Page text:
More Nudges for Student Success Move into the Field

Sep 24, 2014 | By ideas42 in Blog

Applying behavioral insights to postsecondary education

After a spring and summer spent building partnerships and gathering data, ideas42 is excited to be rolling out a series of nudges in postsecondary education that focus on the financial aid system. Our initiative “Nudging for Success: Breaking Behavioral Barriers in the Financial Aid System,” supported by the Bill and Melinda Gates Foundation and the Lumina Foundation, explores how behaviorally informed interventions in the federal financial aid system can help to improve college access, degree completion, and loan repayment.

The projects we’re working on include:

Helping students choose classes that count towards their degree.
In recent years, leading academics have argued that a lack of structure in course choice architecture at community colleges causes students to take unnecessary credits that ultimately hurt them financially and delay college completion. To pilot solutions to these challenges, ideas42 is working with Valencia College to nudge students to select classes that contribute to their major and are eligible to be paid for by financial aid.

Helping students use their aid refunds to meet financial needs over the course of the semester.
For a long time, policy-makers and practitioners have been concerned about how student aid refunds are disbursed and how students use them to pay for college and related expenses. Research suggests that people have more difficulty controlling spending when they receive income in large, un-partitioned amounts. In our second project at Valencia College, ideas42 is piloting new ideas for helping students use their refund dollars to meet their most pressing financial needs.

Helping students devote enough time to studying.
At the core of the national college completion agenda is the challenge of student academic success, highlighted in part by many students’ failure to achieve Satisfactory Academic Progress (SAP), part of the eligibility criteria to receive federal financial aid. Some of the problem may lie in how community college students balance demands on their time; far from the “traditional” model of campus-based student life, these students are often forced to carve out time to study between shifts at work, caring for their family, and managing other obligations. ideas42 is working with the Community College of Philadelphia to help students study productively so they are more likely to meet SAP requirements and stay eligible for financial aid.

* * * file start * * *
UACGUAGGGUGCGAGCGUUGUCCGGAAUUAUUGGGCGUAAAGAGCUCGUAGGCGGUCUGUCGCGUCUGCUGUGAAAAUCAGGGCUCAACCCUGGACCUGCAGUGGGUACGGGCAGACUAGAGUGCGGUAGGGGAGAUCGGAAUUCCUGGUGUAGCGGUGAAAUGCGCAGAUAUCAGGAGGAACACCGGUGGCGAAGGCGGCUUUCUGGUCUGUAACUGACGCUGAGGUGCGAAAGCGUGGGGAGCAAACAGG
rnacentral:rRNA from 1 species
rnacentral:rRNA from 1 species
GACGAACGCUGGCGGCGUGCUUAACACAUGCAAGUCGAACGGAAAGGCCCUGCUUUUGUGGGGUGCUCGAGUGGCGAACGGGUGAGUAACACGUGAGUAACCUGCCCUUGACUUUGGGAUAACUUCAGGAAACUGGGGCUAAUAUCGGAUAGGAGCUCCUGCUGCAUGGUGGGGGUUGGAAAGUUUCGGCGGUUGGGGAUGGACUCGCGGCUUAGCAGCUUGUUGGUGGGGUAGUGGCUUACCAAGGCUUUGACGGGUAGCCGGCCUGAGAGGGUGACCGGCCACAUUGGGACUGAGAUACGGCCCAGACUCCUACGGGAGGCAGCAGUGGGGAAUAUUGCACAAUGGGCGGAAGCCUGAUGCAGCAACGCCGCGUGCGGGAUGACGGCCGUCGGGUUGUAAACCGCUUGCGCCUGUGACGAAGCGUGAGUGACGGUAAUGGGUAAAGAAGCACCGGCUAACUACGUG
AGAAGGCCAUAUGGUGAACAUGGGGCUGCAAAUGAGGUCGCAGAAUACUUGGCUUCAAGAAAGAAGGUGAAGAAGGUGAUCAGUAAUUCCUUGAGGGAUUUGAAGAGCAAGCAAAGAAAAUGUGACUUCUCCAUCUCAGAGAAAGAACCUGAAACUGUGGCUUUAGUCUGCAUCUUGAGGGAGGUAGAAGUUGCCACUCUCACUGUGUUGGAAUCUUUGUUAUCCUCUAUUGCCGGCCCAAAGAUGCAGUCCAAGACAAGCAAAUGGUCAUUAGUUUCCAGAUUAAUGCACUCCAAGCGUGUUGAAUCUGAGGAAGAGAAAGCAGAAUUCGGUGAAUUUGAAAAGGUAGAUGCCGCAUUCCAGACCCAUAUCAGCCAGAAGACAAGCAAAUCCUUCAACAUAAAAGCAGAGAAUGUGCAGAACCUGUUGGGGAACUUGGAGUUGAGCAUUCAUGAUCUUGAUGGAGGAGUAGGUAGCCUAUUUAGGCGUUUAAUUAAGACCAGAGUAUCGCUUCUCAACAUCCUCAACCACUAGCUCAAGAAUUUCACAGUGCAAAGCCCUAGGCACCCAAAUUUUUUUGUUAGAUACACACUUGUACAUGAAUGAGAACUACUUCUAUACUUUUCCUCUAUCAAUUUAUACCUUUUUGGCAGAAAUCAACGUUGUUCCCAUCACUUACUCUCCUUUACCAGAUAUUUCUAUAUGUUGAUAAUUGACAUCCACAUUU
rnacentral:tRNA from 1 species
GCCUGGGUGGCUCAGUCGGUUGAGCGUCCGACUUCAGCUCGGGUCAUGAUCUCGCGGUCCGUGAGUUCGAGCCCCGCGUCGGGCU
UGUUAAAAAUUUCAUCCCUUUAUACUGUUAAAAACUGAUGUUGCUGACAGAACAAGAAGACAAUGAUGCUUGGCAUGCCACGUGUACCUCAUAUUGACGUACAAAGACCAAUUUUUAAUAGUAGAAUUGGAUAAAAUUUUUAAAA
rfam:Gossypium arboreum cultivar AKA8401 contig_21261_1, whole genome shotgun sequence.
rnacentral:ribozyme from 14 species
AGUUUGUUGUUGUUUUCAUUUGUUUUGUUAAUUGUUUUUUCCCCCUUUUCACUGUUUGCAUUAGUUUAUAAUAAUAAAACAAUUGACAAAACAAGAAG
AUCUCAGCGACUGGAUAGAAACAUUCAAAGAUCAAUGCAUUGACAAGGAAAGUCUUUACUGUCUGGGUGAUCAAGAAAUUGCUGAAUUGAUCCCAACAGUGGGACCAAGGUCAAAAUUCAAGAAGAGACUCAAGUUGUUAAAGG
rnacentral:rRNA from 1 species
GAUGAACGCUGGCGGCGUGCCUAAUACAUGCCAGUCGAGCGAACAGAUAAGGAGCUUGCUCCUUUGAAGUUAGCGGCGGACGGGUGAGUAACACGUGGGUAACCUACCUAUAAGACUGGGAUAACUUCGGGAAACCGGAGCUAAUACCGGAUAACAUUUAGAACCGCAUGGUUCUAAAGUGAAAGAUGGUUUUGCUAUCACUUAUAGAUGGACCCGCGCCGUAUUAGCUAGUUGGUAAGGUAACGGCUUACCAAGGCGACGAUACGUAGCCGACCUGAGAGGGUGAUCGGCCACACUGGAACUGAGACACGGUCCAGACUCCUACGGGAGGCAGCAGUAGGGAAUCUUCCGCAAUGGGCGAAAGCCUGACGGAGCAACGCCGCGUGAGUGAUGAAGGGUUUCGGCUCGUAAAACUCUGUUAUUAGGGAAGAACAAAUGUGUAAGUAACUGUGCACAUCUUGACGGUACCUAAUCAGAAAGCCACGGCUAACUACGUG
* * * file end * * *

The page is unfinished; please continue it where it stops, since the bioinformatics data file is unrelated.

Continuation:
Encouraging students to take advantage of academic support services.
Despite the availability of academic support resources like tutoring, many struggling students don’t take up these services. This may end up with students failing to maintain Satisfactory Academic Progress (SAP) standards. ideas42 is working with West Kentucky Community & Technical College to nudge more students towards taking up academic support services.

Encouraging delinquent student borrowers to take advantage of default avoidance programs.
Within the broad challenge of student loan repayment, the specific problem of delinquent borrowers failing to apply for loan relief options – despite this usually being in their own best interest – has remained puzzling. ideas42 is partnering with Great Lakes Higher Education Guaranty Corporation to help borrowers avoid extended delinquency by taking up the options they are offered to match their specific situation.

In addition to these exciting projects, we’re working with four teams of academic researchers on related projects and continuing to explore opportunities to nudge for student success with other postsecondary education partners. Stay tuned for more details about these projects later this year, and look out for our results in late 2015/early 2016 as we implement and rigorously test our designs through randomized controlled trials.

To learn more, check out our other partnerships in postsecondary education and our White Paper about using behavioral economics for postsecondary success.